Are there any houses without flaws?

Castles in the Sand

“A mark, fault or other imperfection that mars a substance or object.” That, my friends, is the definition of a flaw. If you think you can find a house that doesn’t fit this description, you’re probably dreaming.

Every home built or lived in has flaws; it’s up to the buyer and seller to decide
if the flaw is serious enough to repair or serious enough to not buy the home. Here are some things to think about on both sides of the transaction.

Buyers need to be aware of many things when first viewing a home. If you have young children, or are just sensitive to noise, be aware of traffic or boat noise at various times of the day. Sometimes homes on main roads are priced better but may not work for your family.

Naturally, obvious structural issues like sloping floors or cracks in the walls should raise a red flag.

Water is a problem if leaks get out of control in a home. Question water stains, mold, peeling paint or blisters on the paint and an overall musty odor. Look under sinks for water dripping and run faucets to see if they leak.

Check to see if the floors are maintained. Scratches on hardwood, cracks on tile and worn carpeting could be an indication of an overall maintenance issue in the home.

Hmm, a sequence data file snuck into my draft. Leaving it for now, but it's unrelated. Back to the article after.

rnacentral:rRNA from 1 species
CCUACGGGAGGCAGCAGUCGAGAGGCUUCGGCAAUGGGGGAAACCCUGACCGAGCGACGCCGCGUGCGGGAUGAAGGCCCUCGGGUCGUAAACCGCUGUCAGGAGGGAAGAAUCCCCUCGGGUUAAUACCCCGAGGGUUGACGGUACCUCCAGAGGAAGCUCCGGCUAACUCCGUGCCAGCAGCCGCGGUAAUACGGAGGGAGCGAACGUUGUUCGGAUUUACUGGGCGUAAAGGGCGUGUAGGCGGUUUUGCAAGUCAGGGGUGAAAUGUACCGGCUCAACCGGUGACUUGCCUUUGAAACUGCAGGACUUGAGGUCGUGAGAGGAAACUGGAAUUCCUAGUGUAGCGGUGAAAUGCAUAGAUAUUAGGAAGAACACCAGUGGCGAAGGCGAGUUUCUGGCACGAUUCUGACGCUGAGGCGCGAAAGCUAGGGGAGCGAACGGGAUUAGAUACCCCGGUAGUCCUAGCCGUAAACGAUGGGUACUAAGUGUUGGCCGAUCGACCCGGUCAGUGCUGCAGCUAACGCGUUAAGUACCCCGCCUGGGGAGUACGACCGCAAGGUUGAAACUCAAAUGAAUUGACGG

Look carefully at the appliances and see if they’re rusty or have dents and look worn out. It’s perfectly legitimate to ask if the appliances are in working order and ask their age. Any hanging wires or broken fixtures could indicate a worse electrical problem and should be questioned.

Finally, landscaping and the entire exterior of the home will give you an im- mediate negative or positive impression the minute you step out of the car. First impressions do count.

If you’re selling, sometimes rather than take on a major renovation of a kitchen
or bathroom it’s just as productive to use a little elbow grease. Even though there is still a shortage of inventory in most markets, buyers are frequently turned off by little things. Any type of odor, whether it’s musty, pet, gym shorts or baby, needs to be corrected. When you’re putting your house up for sale, the best favor you can do it is investing in a deep cleaning. The second-best thing you can do is enhance your curb appeal. Remove the bikes, toys and half-dead plants. Paint peeling on outdoor trim and dirty windows are a no-no.

If your home needs more than a good clean-up, fresh paint may not be as dramatic as a new bathroom, but it will do that first impression a lot of good. Refinishing hardwood floors or putting down an inexpensive piece of carpeting in the kids’ rooms will more than pay for itself. Other small fixes that buyers love are new doors and custom closets, many of which you can do yourself. Think about what appeals to you when you look at Realtor pictures of homes for sale. It could be as simple as new throw pillows and bed quilts. I once bought a $300 new sofa for my family room after my dog made the old one his home. It worked perfectly. The buyers even wanted to buy it from us.

Homes aren’t the only things that have flaws. Most of us can look in the mirror and see a long list of things that need fixing. Just remember, there are no perfect homes and no perfect people. A good lesson to keep in mind.